Basic and functional it keeps the size down.
It does mean you can’t travel with a spare brush head like many other brushes, but this is not really an issue. The 350 does not come with any travel case in the box.
The 250 is available in both a Black, White and Pink colour options. The Black and White have matching brush heads, whilst the Pink 250+ adopts the White coloured brush heads. Although subject to change the Black coloured heads tend to be a little more difficult to source.
A single Deep Clean brush head is provided with the 250, and this is the same brush head that comes with the standard ProClinical 350.
There is also a 350 Whitening option. The difference is the brush head supplied. The 350 Whitening comes with a 360 Whitening brush head.
In any instance, the brush heads on either model are fully interchangeable and can be changed for any 1 of the 4 styles of head available from Colgate. Full details of the Colgate brush head range can be found in our ultimate guide.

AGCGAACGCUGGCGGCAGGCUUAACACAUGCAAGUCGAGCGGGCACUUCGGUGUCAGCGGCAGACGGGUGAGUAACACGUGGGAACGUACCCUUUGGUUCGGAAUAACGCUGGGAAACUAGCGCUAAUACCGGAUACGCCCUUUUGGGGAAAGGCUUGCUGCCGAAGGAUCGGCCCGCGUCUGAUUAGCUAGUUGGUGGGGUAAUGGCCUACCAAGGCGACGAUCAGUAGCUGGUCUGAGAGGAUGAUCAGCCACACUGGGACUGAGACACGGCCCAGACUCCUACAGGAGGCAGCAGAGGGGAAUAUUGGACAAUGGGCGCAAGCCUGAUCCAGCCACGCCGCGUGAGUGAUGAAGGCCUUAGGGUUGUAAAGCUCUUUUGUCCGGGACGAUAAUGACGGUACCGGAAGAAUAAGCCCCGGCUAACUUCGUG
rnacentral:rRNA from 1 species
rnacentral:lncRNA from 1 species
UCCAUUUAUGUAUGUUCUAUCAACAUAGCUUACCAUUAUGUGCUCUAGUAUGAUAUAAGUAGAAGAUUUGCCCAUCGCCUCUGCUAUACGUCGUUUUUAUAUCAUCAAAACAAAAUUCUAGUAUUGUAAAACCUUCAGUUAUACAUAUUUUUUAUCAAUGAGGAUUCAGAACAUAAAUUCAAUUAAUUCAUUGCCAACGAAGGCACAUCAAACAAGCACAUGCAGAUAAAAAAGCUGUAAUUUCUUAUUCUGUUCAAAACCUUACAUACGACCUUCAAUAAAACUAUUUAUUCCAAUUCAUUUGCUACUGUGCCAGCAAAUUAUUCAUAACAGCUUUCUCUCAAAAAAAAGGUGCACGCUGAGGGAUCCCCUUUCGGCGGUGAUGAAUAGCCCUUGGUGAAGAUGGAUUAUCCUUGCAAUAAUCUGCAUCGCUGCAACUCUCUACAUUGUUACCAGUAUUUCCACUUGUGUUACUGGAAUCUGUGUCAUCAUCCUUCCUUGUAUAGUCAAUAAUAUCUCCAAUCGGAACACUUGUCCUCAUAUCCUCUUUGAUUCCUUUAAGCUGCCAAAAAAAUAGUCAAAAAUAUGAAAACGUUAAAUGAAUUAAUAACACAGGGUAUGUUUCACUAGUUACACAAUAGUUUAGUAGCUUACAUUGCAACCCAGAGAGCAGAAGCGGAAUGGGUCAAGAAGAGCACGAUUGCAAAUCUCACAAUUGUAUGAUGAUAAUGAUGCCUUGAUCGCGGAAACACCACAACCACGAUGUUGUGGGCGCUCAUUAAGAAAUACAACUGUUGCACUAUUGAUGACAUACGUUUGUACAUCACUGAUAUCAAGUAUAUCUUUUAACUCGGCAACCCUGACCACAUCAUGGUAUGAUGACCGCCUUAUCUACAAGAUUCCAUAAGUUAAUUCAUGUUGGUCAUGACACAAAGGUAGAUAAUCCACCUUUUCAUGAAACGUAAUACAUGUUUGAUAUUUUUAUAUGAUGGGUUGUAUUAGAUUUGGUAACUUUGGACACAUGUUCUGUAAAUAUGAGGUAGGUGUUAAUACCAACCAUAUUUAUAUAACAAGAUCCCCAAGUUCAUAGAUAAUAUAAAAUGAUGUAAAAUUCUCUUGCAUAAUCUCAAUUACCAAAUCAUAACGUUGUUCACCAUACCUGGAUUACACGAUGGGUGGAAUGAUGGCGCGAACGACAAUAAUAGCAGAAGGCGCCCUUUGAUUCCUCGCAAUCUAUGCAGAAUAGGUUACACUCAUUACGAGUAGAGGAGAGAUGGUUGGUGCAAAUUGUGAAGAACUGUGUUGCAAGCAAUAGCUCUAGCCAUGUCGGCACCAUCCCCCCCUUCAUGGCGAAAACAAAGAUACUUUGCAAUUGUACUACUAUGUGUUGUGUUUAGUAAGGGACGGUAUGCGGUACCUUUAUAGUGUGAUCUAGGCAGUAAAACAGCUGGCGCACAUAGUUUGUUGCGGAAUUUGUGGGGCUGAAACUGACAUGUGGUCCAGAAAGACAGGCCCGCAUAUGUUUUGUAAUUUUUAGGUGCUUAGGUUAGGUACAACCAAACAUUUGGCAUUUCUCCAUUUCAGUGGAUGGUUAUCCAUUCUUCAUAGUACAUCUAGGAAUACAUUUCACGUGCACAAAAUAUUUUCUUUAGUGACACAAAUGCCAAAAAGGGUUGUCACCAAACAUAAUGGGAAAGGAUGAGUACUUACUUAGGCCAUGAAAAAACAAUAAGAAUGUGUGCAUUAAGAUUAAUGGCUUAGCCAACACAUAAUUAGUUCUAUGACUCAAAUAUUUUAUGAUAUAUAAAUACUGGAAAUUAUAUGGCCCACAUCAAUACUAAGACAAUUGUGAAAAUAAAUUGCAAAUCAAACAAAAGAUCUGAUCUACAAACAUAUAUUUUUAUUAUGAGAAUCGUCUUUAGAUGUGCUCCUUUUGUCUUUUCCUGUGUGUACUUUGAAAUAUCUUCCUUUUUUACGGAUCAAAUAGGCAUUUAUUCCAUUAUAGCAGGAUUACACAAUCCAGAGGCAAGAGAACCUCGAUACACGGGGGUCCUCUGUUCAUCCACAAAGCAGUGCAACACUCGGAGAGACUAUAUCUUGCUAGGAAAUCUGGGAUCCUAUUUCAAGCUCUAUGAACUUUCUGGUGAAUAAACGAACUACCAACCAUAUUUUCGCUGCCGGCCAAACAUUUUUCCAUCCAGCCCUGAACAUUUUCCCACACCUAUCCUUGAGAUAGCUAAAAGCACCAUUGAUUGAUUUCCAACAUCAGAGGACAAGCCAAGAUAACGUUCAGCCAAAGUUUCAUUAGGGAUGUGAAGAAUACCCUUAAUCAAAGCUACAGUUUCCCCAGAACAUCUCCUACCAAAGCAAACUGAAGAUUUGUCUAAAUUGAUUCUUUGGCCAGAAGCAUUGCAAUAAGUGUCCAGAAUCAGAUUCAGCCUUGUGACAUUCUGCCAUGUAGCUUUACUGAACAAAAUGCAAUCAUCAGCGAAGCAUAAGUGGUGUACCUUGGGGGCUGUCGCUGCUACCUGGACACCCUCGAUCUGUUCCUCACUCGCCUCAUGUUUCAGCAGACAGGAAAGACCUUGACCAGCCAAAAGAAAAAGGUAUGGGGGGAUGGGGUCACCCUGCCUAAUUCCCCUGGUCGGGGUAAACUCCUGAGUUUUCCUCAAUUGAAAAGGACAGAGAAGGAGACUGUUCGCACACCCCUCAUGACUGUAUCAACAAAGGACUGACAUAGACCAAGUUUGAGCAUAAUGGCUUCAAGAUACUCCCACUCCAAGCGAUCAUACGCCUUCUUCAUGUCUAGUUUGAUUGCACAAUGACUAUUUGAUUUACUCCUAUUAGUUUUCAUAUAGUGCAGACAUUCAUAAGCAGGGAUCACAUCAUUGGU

The final difference between these 2 models is the price, but more on that in a moment.
Does one clean better than the other?
If you were to use the same brush head on the same ‘optimum’ cleaning mode that is available on either brush handle, then there is no difference between the clean offered by these brushes.
However, the 350 comes with the Deep Clean mode which offers more movements per minute than the standard ‘Optimum’ on the 250+, thus the results will likely be better for those using this mode.
Pick up the 350 Whitening option and the provided 360 Whitening brush head will also help achieve different or better results to the 250+, subject to the mode used.